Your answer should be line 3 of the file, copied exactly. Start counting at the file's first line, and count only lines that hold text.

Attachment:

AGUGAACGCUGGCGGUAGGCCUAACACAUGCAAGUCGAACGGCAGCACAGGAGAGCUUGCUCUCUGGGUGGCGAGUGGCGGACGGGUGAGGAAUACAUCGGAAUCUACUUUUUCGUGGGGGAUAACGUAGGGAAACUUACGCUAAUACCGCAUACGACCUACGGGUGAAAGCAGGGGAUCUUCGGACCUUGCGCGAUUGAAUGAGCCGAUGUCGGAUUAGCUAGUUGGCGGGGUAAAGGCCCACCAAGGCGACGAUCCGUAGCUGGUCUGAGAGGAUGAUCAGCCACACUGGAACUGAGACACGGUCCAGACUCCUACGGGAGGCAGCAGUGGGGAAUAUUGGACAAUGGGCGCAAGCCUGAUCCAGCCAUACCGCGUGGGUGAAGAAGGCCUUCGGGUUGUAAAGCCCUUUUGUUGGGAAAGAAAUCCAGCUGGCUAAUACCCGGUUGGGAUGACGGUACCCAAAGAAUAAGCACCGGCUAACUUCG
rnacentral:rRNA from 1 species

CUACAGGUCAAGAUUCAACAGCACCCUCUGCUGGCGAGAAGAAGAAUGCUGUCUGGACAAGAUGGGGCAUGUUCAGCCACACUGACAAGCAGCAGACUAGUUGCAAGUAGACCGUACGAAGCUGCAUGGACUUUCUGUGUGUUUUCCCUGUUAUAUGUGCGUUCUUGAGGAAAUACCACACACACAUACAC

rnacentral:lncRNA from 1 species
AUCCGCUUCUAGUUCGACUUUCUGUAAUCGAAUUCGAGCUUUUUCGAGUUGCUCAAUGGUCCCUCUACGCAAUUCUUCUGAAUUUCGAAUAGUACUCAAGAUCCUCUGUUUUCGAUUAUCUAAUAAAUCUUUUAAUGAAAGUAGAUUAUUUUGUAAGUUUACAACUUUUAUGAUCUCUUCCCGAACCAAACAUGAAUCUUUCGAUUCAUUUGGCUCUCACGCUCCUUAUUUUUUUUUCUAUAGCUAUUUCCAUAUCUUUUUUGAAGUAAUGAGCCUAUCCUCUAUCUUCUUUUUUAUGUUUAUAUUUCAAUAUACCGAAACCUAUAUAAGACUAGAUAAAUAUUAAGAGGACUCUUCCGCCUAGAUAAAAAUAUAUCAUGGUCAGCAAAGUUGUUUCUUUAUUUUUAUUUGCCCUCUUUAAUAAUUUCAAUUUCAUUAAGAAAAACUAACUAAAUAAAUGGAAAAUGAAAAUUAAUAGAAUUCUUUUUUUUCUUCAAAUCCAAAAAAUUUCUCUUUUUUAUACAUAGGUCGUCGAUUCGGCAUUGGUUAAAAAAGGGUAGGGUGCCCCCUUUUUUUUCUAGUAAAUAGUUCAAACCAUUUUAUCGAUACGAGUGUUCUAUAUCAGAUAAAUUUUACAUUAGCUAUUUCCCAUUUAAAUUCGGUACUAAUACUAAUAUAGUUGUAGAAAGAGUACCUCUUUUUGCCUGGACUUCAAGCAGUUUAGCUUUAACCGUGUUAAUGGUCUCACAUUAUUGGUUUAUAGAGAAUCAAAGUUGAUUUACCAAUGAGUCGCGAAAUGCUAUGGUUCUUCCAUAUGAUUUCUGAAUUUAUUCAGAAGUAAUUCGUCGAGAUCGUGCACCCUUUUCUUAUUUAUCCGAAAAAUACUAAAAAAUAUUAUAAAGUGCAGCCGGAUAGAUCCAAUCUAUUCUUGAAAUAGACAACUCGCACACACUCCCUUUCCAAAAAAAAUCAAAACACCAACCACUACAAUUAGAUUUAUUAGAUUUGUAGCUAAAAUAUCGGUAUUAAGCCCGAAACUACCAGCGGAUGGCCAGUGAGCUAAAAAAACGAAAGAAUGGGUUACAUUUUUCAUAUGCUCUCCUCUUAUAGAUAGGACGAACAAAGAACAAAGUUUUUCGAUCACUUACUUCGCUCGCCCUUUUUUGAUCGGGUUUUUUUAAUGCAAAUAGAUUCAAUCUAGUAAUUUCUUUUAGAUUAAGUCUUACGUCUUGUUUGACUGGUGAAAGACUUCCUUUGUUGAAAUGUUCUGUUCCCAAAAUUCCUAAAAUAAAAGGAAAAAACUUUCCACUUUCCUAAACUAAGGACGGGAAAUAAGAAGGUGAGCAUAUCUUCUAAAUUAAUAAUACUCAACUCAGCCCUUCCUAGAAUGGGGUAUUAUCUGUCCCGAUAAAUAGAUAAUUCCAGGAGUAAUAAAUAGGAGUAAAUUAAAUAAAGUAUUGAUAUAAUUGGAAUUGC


CUACAGGUCAAGAUUCAACAGCACCCUCUGCUGGCGAGAAGAAGAAUGCUGUCUGGACAAGAUGGGGCAUGUUCAGCCACACUGACAAGCAGCAGACUAGUUGCAAGUAGACCGUACGAAGCUGCAUGGACUUUCUGUGUGUUUUCCCUGUUAUAUGUGCGUUCUUGAGGAAAUACCACACACACAUACAC